Couple told to travel more than an hour away to a private hospital because the government facility had no working gynaecologist.
Women in labour turned away after no gynaecologist on duty
UMM AL QAIWAIN // Abudrahman Ibrahim brought his pregnant wife to Umm al Qaiwain Hospital when she was about to deliver their baby.
But they were told to travel more than an hour away to a private hospital because the government facility had no working gynaecologist.
"She was suffering, and Sheikh Khalifa Hospital were giving us an appointment the next day," Mr Ibrahim said. "We moved to GMC hospital in Ajman, and she delivered from there."
Rashid Seif described a similar fate when he brought his pregnant wife to Umm al Qaiwain Hospital, also in December and about to deliver.
"We were asked to go to Sheikh Khalifa Hospital, and when we reached there it was full," he said. "We had to take her to a private hospital in Ajman and pay very high prices that we had not planned for."
Several men were asked to take their wives to Ras al Khaimah for treatment or Ajman's Sheikh Khalifa Hospital.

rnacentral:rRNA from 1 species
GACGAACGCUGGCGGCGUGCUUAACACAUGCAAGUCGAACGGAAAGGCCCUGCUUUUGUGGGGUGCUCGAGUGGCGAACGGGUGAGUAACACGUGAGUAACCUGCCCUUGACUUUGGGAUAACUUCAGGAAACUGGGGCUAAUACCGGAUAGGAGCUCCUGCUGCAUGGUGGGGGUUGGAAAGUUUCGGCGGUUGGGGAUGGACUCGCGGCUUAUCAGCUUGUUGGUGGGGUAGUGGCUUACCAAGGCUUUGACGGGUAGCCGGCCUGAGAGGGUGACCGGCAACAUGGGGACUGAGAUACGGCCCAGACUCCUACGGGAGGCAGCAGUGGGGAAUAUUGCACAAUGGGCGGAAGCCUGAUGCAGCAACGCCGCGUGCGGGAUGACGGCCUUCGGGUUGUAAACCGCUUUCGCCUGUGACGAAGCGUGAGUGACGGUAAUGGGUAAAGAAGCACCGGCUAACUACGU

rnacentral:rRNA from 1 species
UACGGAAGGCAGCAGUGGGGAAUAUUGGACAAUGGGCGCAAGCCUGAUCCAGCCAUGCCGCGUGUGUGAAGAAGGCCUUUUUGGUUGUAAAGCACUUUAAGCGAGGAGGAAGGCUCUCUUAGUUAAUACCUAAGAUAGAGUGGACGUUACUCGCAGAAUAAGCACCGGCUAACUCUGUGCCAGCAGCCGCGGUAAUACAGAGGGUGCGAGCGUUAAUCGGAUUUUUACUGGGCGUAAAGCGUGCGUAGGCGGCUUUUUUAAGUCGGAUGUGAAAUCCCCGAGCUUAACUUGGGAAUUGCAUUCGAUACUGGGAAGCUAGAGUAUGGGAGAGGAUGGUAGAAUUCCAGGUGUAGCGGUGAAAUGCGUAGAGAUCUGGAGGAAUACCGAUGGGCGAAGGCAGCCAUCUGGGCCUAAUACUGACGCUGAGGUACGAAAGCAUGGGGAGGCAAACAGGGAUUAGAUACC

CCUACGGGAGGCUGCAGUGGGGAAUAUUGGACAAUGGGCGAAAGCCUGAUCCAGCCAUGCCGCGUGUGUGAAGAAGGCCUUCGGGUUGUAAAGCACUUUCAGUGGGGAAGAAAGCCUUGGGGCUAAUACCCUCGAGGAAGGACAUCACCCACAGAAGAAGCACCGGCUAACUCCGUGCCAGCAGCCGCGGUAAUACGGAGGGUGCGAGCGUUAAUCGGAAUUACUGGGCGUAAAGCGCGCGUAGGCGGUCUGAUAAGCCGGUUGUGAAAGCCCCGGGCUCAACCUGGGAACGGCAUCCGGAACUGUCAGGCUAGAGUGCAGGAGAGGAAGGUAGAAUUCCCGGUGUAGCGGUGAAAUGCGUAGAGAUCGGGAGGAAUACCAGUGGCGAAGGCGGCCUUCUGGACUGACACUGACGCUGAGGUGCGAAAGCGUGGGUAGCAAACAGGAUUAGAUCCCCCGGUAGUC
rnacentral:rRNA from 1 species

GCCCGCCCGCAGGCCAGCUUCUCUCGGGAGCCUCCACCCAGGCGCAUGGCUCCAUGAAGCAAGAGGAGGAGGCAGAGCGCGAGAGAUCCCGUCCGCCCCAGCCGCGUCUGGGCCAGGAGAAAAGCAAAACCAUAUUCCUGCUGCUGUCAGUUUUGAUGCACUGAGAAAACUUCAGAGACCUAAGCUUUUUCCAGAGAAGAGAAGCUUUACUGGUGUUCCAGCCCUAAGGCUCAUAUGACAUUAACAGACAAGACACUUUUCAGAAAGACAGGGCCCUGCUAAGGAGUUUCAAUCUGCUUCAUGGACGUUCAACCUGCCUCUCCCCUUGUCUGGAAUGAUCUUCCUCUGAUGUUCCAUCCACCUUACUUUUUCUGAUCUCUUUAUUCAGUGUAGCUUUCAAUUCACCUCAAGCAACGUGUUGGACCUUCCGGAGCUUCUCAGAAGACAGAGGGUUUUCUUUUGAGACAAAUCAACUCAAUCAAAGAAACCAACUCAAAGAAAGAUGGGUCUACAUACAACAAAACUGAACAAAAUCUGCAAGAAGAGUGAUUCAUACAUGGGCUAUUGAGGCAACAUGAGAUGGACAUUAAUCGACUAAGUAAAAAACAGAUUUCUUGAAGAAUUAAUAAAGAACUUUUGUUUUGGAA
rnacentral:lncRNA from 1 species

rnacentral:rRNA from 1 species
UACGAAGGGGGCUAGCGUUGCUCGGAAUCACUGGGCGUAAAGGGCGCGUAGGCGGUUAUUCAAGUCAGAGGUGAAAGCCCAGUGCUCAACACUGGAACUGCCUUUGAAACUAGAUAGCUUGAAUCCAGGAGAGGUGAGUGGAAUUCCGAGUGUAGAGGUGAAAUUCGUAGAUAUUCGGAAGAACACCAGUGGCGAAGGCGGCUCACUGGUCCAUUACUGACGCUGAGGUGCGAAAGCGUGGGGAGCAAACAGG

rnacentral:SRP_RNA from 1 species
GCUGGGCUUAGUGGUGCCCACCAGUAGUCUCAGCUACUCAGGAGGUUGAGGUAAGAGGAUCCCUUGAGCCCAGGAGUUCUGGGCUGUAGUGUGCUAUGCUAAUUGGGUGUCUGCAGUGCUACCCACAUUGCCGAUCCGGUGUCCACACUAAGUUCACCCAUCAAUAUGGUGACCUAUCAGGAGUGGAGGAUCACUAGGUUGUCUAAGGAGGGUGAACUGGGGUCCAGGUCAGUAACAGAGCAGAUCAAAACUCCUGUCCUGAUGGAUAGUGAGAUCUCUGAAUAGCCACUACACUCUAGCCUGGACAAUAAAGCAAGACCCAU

The incidents highlight the lack of healthcare services in the Northern Emirates, a situation that the FNC has criticised, and that the Ministry of Health is working to improve by opening healthcare centres in the area this year.
Back in December, however, Mr Seif and his pregnant wife found themselves inconvenienced and out of pocket.
Mr Seif said he and his wife spent about Dh8,000 for a delivery in Ajman. In the past, he said, he had spent Dh2,500 for a delivery at the Umm al Qaiwain Hospital.
Leaking roofs during the rainy season, a shortage of physicians, continuing maintenance and a lack of space to admit new patients have compounded patients' frustrations.
A spokesman for the Umm al Qaiwain Hospital said the facility had only two gynaecologists on staff in December. One of them was on annual leave and the other was on sick leave.
The maternity ward reopened last month with the appointment of four gynaecologists.
Three more gynaecologists will join them in the coming weeks, according to Dr Rashid Obaid al Shehhi, the hospital's deputy director.
The new appointments were made on the directives of Dr Hanif Hassan, the Minister of Health, and have increased the number of gynaecologists to nine, enough to handle delivery cases in the emirate, he said.
Last year, the hospital's obstetrics ward was partially closed because of water leaking from the seasonal rains.
Health officials promised to rectify the problem but there have been no rains this year to prove their assertion.